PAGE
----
Title: Pushing the Limits
Author: Katie McGarry
Publisher(s): Mira Ink and Harlequin
Released: August 03 and July 31, 2012
Buy: The Book Depository
I’m not entirely sure what it was about this book, whether it be the cover, the description or the reviews, but as soon as I first heard of its existence on Goodreads, I knew I would have to read it. I hardly ever (never) get compulsions like that for contemporary novels, so I’m still utterly baffled as to why I was so drawn to it. I guess this is a sixth sense that will come in handy as Katie McGarry’s debut was just as stunning as my instincts told me it would be.
Pushing the Limits is an emotionally charged book about a broken girl and a troubled boy who find comfort in each other as their worlds continue to shatter around them. It is the most heart-wrenching of romances, wrapped in a poignant tale of family and acceptance while coated with bittersweet humour. In other words, it made me cry. Non-stop, in fact. Either I’m turning into a big softie or Katie McGarry really knows how to craft a beautiful and accessible story that is bound to leave an impression. I have a feeling it must be the latter.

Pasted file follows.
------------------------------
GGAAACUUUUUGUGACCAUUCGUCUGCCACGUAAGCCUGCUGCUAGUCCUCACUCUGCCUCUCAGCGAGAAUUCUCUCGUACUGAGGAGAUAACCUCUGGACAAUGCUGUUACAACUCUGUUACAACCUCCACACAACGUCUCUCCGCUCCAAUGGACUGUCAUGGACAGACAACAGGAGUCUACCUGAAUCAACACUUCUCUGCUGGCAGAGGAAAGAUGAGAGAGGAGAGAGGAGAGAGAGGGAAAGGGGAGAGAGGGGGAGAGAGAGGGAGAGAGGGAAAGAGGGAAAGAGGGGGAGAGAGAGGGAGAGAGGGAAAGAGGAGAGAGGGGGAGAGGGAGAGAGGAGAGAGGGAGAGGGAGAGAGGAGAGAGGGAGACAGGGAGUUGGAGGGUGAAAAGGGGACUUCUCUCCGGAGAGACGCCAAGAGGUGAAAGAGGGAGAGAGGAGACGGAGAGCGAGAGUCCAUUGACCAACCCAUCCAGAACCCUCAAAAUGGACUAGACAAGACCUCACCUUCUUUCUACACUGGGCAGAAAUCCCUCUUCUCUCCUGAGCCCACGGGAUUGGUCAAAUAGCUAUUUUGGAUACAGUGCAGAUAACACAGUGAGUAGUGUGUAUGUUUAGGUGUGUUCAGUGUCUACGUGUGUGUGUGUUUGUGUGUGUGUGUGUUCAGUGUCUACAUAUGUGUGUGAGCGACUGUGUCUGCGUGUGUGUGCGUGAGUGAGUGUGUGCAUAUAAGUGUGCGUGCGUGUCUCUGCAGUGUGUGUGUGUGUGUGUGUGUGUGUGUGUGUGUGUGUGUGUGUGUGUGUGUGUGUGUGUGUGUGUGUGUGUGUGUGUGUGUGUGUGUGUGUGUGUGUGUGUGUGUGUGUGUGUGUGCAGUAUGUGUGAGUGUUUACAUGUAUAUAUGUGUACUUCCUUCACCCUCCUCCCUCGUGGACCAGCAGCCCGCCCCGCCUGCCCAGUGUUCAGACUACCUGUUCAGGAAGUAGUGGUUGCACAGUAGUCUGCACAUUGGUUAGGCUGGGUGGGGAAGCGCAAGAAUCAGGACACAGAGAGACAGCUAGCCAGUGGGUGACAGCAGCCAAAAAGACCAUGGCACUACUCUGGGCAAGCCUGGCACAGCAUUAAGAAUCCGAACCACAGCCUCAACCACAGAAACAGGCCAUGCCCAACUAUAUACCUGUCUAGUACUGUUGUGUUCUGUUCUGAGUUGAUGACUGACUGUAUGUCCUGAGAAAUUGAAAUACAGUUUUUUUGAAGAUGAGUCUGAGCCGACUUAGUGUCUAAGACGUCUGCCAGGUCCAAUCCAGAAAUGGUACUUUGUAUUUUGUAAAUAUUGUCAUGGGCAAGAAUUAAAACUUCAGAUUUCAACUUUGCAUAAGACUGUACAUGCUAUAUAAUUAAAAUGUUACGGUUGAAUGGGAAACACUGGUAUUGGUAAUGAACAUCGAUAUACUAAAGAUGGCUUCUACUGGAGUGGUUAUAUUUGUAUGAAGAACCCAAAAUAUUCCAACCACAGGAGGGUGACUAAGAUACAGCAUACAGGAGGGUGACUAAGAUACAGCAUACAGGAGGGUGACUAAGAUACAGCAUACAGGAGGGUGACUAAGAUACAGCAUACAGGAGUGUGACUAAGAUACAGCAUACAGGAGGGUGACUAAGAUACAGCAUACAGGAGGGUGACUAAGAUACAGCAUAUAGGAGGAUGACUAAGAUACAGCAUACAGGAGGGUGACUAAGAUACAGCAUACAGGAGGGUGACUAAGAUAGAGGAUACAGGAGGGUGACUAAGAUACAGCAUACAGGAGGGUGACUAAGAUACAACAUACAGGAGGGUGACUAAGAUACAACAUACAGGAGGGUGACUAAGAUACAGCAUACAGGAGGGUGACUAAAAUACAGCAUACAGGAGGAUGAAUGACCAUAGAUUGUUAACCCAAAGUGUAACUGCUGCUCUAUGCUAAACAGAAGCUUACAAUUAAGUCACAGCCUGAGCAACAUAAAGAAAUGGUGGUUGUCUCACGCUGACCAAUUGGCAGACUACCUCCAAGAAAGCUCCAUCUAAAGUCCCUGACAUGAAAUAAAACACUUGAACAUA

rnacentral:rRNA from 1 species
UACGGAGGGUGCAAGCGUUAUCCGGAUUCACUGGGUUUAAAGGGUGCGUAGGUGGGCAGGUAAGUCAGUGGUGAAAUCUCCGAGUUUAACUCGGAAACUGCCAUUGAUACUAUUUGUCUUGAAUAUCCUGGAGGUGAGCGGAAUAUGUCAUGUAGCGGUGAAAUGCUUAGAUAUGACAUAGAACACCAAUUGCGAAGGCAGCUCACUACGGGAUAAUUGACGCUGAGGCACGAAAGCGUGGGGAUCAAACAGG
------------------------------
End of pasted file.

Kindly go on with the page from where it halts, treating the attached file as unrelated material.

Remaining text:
It’s so hard to pin-point the exact reasons this book worked, but Noah and Echo sure did play a significant part. They are by no means simple characters, or even particularly easy to like at first, but you can’t help but root for them as the story progresses. Their problems are so raw, but never unrealistic, and much more the main focus for me than the romance. From Echo’s troubles at home with her controlling father and irritating stepmother, to Noah’s struggles in piecing his family back together, there were many different issues in need of solving and the journey to the finish line was a powerful one.
How can I describe Noah? A bad-boy sounds almost like an insult in this case, but I suppose on the surface that is what he is. Dig deeper and we find a strong-willed young man with nothing but determination to ensure his younger brothers, Tyler and Jacob, are safe and happy. He is a dangerous flirt, and an incredibly entertaining one at that, but he is also so much more. I wish Echo’s character had shown as many layers as Noah’s, but in the end, I liked her too.
Echo and Noah share a split narration, something that I don’t always warm to, but it worked remarkably well in this book. Katie McGarry did a superb job handling both points of view. This, of course, helped craft the scorching chemistry between the two characters. Although I did think it developed a little rapidly, the romance was beautifully handled and interwoven into the plot with ease. Some of these scenes are so perfect, they are well worth reading twice.
This is one of those books I feel comfortable recommending to anybody. It’s too touching not to appreciate, regardless of the genre. Katie McGarry has left her mark on me and I look forward to reading more from her in the future.
Rating: 4 stars